OAKLAND, CA: Brandon McCarthy #32 of the Oakland Athletics pitches against the Minnesota Twins at O.co Coliseum in Oakland, California. (Photo by Jed Jacobsohn/Getty Images)
Brandon McCarthy pitches for the Oakland Athletics. After struggling for years with various injuries, the 27-year-old right-hander is enjoying the best season of his career. McCarthy also happens to have one of Major League Baseball's more interesting Twitter feeds. Earlier this week, McCarthy was kind enough to answer a few questions via e-mail ...
Rob Neyer: After you were drafted in the 17th round by the White Sox in 2002, you were a strikeout machine in the minors for three seasons, leading Baseball America to rank you as the 49th-best prospect in the minors prior to the 2005 season. Upon reaching the majors that year, your strikeouts went way down and your walks went up. Were the hitters that much tougher, or was something else going on?
It's a combination of a lot of things really, but the jump in talent is probably the jump-off point for the other issues. My stuff back then was OK, but definitely not dominant, so I got by on command. I could work my fastball off the edges of the plate (which is often a strike in the minors) and my curveball generated a lot of swings and misses. Both of those things changed when I got to the big leagues. I lost the 1-2 inch margin off the plate and big-league hitters just don't get fooled by CBs very often. So instead of being 1-2 on a hitter and then throwing a CB in the dirt for a strikeout, I found myself in a lot of 2-1 and 3-1 counts and having to pitch carefully. Also, big-league hitters are really good at hitting foul balls, so when I did throw a pitch I expected to get a K with, it got fouled off much more often (it's the biggest difference between the minors and majors IMO). Those factors early on led to less Ks and more BBs. In time, that led to a lack of confidence and a loss of my pitching identity.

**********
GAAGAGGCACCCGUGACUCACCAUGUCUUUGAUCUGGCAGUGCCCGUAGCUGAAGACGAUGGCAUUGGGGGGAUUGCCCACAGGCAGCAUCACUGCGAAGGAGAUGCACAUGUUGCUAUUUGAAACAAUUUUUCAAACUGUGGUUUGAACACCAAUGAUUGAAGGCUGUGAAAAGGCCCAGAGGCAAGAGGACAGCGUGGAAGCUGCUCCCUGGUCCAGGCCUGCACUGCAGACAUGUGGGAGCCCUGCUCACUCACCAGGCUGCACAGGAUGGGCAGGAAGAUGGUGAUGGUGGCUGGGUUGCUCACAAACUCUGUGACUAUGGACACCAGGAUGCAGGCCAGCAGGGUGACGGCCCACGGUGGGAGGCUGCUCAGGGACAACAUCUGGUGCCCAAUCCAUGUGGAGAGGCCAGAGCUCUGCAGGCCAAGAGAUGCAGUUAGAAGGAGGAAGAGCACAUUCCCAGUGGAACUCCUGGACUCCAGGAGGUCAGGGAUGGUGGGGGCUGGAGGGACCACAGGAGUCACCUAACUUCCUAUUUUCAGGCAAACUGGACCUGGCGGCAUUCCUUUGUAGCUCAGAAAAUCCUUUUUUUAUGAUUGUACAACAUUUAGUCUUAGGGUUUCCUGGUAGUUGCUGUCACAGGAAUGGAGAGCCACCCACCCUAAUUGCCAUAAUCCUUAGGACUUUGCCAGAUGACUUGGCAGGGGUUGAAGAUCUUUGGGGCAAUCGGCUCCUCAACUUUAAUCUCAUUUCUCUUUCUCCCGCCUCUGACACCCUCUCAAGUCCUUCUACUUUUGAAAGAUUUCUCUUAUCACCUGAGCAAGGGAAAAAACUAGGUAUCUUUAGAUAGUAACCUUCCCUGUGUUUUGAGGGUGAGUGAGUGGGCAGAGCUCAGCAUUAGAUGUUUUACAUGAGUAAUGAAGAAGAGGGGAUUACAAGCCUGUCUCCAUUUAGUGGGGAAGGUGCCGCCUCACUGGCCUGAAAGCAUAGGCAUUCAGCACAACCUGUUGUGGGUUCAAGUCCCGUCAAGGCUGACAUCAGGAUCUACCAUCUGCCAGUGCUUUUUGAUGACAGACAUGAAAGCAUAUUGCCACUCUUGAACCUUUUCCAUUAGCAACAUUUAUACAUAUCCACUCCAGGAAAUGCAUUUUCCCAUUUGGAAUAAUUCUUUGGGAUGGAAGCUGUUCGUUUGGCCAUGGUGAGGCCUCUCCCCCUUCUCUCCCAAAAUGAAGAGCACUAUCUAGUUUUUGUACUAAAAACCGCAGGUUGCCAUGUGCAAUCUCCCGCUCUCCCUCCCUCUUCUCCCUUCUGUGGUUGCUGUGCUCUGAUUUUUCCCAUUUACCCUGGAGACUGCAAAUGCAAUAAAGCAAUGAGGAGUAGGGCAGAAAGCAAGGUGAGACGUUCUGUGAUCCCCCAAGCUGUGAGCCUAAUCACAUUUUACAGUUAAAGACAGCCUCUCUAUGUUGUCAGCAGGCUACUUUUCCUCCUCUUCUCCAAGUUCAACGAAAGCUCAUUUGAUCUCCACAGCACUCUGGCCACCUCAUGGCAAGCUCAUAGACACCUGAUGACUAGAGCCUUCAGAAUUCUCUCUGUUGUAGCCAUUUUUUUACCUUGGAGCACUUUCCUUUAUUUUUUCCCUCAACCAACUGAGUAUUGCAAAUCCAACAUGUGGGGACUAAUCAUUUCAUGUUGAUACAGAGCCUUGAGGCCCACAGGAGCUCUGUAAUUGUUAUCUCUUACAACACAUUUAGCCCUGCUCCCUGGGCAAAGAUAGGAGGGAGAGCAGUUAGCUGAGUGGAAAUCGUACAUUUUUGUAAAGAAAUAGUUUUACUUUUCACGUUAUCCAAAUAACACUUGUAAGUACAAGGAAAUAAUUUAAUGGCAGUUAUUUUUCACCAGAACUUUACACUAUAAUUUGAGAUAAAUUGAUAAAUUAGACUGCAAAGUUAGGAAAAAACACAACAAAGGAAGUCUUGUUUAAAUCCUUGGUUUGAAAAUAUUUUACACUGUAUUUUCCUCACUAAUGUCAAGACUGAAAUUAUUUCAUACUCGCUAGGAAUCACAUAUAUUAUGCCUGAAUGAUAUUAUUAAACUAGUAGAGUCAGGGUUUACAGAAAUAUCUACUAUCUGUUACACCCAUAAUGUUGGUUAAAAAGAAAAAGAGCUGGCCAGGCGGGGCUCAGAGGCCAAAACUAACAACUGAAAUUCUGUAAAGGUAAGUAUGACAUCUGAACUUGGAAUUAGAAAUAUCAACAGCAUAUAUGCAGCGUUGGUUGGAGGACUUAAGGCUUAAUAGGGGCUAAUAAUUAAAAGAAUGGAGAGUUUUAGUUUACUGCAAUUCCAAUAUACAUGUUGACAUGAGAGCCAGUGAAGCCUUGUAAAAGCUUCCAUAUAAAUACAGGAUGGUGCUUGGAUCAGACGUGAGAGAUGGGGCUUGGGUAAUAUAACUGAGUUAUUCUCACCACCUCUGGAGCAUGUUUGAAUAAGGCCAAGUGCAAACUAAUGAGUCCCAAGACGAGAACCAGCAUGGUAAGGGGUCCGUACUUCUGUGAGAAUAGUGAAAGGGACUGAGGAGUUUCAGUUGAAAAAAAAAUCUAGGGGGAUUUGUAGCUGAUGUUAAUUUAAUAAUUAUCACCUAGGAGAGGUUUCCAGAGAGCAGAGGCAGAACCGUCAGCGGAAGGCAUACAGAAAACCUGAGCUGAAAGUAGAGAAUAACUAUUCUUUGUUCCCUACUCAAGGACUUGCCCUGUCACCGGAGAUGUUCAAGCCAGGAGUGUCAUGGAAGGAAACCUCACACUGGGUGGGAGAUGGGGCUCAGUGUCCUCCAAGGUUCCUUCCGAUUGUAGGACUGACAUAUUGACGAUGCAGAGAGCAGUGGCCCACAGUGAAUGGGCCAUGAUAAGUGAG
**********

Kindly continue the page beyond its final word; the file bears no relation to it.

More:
Neyer: This season, your control has been brilliant. You entered 2010 having walked 3.4 batters per nine innings in the majors, but this year you've walked only 1.4 per nine innings. Among the 141 pitchers with at least a dozen starts this season, that 1.4 figure is fourth best. Is there any particular reason for this massive improvement in your walk rate?
McCarthy: Confidence. Once I overhauled everything, I was sort of rejuvenated mentally. Where I used to throw a straight 4-seam FB and fear it getting crushed, I can now throw a FB that moves and trust that more often than not the contact won't be damaging. Honestly, that realization in itself is probably the biggest factor. From there I've been able to build everything back on top of that, but just feeling like I have the stuff to compete at a higher level has removed the fear of contact. Everything you do in this game stems from your mental fortitude or lack of it, and throwing strikes might be the place in which that's most noticeable.
These Questions 3: Shawn Green
Neyer: Like a lot of pitchers (but perhaps more than most), you've suffered a number of injuries, including a stress fracture that cost you a big chunk of 2007, an elbow injury that cost you most of 2008, and of course the shoulder injuries that cost you most of 2010. From 2005 through 2010 -- six full seasons -- you averaged 76 innings per season, largely due to the injuries. What kept you going, through all the surgeries and rehabs and watching instead of pitching?
McCarthy: First off, I've been extremely fortunate to not have had any surgeries. I haven't really even gotten close to needing one, either. My shoulder injuries, have all been the same exact one. It's a scapular stress fracture/reaction, and it's unbelievably rare. There are five documented cases in baseball, and I've got four of them. It better be named after me, so at least I have something to show for all of this.
The injury in itself isn't major and when it heals, it truly heals so that's what's kept me going. When I have it, the pain can be excruciating, but after seven days of rest, it feels like I have a new arm. So while it's mentally defeating to miss so much time, knowing that it's just one injury that doesn't have residual effects, keeps me from ever really getting too down. I have no idea if it can be prevented but have come to peace with the idea that this just might be something I have every year, which turns my focus to how to best deal with it. In the past I've rested much longer and then went through the full rehab process, which eats up a lot of time. This year, I noticed the symptoms earlier so I had to take only two weeks off before getting back at it.
Going forward, my hope is that recognizing it early can save me from a lot of DL time. I might not be able to get 200+ innings a year in because of it, but if I can work around the injury for 140-160+ innings a year, then there's a career to be made out of that.